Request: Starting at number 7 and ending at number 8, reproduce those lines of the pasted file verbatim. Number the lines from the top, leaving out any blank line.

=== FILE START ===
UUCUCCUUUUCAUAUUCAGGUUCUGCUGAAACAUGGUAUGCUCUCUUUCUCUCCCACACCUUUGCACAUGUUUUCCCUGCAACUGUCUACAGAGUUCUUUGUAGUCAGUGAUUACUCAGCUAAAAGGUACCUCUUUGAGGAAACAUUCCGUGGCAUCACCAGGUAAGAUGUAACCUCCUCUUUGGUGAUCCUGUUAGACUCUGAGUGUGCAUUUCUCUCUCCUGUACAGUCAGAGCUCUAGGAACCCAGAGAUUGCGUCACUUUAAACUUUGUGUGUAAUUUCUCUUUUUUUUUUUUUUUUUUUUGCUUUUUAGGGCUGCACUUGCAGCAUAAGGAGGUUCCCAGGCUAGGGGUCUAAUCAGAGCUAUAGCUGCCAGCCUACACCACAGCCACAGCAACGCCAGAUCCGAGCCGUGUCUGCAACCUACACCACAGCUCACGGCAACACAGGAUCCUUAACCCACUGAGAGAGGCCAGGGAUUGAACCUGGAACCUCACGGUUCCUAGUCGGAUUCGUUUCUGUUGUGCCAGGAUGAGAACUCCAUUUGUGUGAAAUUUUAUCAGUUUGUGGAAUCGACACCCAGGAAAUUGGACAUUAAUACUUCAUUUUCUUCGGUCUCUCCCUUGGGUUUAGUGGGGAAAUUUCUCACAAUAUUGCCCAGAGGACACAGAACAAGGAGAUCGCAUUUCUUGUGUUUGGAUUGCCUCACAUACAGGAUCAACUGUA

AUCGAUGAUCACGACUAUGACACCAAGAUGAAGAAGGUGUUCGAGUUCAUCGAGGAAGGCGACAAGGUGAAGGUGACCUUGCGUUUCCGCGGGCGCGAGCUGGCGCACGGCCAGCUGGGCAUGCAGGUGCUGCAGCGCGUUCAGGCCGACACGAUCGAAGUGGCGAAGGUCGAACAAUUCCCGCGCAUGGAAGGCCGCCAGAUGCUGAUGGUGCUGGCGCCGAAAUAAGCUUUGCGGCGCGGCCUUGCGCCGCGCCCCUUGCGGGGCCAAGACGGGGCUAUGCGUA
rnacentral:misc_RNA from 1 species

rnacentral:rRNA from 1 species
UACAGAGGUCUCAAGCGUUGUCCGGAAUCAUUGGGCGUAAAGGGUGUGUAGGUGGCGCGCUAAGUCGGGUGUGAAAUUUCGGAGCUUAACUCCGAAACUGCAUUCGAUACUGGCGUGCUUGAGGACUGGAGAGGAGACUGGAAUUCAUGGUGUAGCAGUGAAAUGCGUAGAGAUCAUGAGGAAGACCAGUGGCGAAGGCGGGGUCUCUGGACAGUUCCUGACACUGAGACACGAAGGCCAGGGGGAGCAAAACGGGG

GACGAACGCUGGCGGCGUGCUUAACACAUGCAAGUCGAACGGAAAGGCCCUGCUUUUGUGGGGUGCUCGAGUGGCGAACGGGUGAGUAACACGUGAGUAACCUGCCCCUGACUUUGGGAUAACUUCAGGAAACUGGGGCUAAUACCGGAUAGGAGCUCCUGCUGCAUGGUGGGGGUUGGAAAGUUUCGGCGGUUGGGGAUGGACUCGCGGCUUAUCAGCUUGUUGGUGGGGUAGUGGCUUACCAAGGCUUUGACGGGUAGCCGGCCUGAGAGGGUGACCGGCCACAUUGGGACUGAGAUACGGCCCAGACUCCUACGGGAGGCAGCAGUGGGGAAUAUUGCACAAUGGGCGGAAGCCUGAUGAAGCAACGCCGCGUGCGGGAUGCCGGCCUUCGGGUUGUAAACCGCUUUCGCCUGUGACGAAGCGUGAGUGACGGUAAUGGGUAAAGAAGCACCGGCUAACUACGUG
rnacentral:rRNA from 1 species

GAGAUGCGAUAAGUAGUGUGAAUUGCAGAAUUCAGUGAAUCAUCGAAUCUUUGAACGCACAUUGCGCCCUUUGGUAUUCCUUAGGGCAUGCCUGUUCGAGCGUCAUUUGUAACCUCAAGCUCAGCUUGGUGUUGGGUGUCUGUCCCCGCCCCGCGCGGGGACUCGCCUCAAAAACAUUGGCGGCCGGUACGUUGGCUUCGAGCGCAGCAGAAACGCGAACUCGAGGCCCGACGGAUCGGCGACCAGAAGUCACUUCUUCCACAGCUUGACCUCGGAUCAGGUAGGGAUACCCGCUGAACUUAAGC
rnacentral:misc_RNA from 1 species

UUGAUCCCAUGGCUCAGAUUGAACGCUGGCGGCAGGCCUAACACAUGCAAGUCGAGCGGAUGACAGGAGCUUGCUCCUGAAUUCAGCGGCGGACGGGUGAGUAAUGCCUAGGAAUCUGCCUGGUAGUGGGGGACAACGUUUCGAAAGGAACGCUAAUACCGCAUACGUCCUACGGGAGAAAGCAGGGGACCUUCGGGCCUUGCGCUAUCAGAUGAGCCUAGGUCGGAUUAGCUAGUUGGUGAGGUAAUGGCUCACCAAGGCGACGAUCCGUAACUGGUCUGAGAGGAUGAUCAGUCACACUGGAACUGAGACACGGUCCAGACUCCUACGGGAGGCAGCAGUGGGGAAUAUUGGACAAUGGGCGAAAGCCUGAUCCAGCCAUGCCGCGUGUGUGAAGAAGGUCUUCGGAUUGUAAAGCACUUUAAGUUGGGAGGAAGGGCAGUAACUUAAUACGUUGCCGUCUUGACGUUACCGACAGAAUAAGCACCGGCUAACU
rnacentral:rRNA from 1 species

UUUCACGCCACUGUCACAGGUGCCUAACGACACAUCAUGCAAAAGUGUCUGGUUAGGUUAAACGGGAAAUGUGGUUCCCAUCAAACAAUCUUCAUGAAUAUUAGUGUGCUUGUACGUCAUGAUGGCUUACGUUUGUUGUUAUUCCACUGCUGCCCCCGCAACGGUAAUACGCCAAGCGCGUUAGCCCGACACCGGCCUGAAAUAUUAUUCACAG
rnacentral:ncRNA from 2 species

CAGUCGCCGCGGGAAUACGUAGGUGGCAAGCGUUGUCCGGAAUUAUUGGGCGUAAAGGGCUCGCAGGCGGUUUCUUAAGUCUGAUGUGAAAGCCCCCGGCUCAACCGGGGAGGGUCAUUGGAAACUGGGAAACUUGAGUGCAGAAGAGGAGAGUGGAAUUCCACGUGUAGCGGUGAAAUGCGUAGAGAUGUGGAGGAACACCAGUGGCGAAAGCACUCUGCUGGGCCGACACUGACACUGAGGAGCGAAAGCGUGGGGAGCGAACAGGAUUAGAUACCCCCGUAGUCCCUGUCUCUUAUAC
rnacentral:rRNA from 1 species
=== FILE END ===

rnacentral:rRNA from 1 species

GAGAUGCGAUAAGUAGUGUGAAUUGCAGAAUUCAGUGAAUCAUCGAAUCUUUGAACGCACAUUGCGCCCUUUGGUAUUCCUUAGGGCAUGCCUGUUCGAGCGUCAUUUGUAACCUCAAGCUCAGCUUGGUGUUGGGUGUCUGUCCCCGCCCCGCGCGGGGACUCGCCUCAAAAACAUUGGCGGCCGGUACGUUGGCUUCGAGCGCAGCAGAAACGCGAACUCGAGGCCCGACGGAUCGGCGACCAGAAGUCACUUCUUCCACAGCUUGACCUCGGAUCAGGUAGGGAUACCCGCUGAACUUAAGC